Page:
requires that the hosts be made from wheat flour and water only, and recently made so that there is no danger of spoiling. Hosts are often made by nuns as a means of supporting their religious communities. However, in New Zealand, the St Vincent de Paul Society hires individuals with intellectual disabilities to bake, cut out, and sort the bread, thereby offering paid employment to those who would not otherwise have that option. The General Instruction of the Roman Missal §321 recommends that "the eucharistic bread ... be made in such a way that the priest at Mass with a congregation is able in practice to break it into parts for distribution to at least some of the faithful. ... The action of the fraction (breaking of bread), which gave its name to the Eucharist in apostolic times, will bring out more clearly the force and importance of the sign of unity of all in the one bread, and of the sign of charity by the fact that the one bread is distributed among the brothers and sisters." In 1995 Cardinal Joseph Ratzinger, then Prefect of the Congregation for Divine Worship and the Discipline of the Sacraments, wrote a letter to the Episcopal Conferences in which he expanded the Code of Canon Law, stating that low-gluten bread would be considered "valid matter" for hosts as long as no additional substances "alterdthe nature of the substance of the bread". Since the 2000s, hosts with low gluten content have been manufactured in the United States, especially in parts of Missouri and New York. Hosts are one of the causes of lack of recovery for people with celiac disease who follow a gluten-free diet, which must be strict and maintained for life to allow the recovery of the intestinal mucosa and reduce the risk of developing severe health complications.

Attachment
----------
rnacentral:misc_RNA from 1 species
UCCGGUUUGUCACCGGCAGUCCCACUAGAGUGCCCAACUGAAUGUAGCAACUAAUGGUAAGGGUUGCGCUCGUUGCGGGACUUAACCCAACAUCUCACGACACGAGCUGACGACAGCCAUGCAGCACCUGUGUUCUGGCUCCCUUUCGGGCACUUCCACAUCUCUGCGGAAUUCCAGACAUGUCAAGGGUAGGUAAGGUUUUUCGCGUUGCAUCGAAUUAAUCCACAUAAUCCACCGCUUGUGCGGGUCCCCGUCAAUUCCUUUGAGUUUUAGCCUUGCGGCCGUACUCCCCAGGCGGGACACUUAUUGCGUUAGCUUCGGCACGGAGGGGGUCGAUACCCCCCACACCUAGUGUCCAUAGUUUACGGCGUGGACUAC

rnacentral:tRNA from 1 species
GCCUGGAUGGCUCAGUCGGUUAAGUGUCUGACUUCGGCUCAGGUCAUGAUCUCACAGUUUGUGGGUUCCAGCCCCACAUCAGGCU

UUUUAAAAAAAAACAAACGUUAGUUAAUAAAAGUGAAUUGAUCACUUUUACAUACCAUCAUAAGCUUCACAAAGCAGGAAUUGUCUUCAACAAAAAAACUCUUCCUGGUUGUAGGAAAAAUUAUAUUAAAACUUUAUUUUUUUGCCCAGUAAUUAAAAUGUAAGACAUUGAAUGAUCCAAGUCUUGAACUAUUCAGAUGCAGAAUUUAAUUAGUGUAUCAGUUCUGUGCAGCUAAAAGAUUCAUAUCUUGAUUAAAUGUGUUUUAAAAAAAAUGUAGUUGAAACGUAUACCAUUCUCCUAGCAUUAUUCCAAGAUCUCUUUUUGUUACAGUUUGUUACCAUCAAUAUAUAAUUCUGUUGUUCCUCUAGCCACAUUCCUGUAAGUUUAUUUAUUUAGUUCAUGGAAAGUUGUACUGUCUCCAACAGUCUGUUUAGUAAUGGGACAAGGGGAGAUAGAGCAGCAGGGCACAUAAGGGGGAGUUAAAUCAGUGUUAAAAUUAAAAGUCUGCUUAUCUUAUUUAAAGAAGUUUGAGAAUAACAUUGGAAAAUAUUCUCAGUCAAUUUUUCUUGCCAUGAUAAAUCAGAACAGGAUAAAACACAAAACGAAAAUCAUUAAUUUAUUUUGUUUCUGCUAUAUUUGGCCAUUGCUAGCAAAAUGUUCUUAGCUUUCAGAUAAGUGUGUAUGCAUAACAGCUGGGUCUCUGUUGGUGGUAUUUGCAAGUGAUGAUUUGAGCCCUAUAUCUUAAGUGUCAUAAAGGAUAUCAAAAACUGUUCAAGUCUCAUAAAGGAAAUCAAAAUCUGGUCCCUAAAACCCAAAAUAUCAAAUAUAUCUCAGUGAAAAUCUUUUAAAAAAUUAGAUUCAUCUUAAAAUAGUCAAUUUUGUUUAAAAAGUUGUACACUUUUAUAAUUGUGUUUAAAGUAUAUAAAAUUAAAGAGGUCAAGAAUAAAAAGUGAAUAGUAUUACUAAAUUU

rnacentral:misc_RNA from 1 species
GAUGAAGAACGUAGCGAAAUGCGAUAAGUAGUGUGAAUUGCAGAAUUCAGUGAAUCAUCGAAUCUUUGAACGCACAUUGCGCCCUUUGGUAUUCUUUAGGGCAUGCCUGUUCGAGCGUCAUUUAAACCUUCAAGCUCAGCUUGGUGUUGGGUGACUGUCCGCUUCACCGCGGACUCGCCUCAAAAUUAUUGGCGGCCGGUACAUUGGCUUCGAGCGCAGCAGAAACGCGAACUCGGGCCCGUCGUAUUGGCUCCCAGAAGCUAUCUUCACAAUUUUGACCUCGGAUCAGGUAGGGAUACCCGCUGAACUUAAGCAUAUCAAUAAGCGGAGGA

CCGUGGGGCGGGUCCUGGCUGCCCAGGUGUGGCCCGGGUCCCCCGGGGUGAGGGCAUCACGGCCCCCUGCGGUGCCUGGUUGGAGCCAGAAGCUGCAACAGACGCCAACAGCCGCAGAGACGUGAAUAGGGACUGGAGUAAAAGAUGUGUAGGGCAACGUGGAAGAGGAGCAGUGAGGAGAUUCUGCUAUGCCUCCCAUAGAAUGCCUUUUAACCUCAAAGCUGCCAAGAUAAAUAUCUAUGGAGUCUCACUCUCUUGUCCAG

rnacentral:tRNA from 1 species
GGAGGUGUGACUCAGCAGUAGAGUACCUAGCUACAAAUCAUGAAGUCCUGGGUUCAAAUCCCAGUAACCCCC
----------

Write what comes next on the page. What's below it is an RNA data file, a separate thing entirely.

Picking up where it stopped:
thumb|Elder_presiding_at_the_Eucharist,_using_a_leavened_loaf_of_bread.html" style="text-decoration: none;"class="mw-redirect" title="Elder (Methodism)">Elder presiding at the Eucharist, using a leavened loaf of bread">Elder (Methodism)">Elder presiding at the Eucharist, using a leavened loaf of bread In the varying Protestant denominations, there is a wide variety of practices concerning the sacramental bread used. Some, such as the Christian Congregation use leavened loaves of bread, others, such as Lutherans, continue to use unleavened wafers like the Roman Catholics, and some use matzo. Reformed Christians use rolls which are broken and distributed to symbolize their belief that Christ is not physically present in their bread. Among those who use the unleavened wafers, there is a great deal of variation: some are square or triangular rather than round, and may even be made out of whole wheat flour.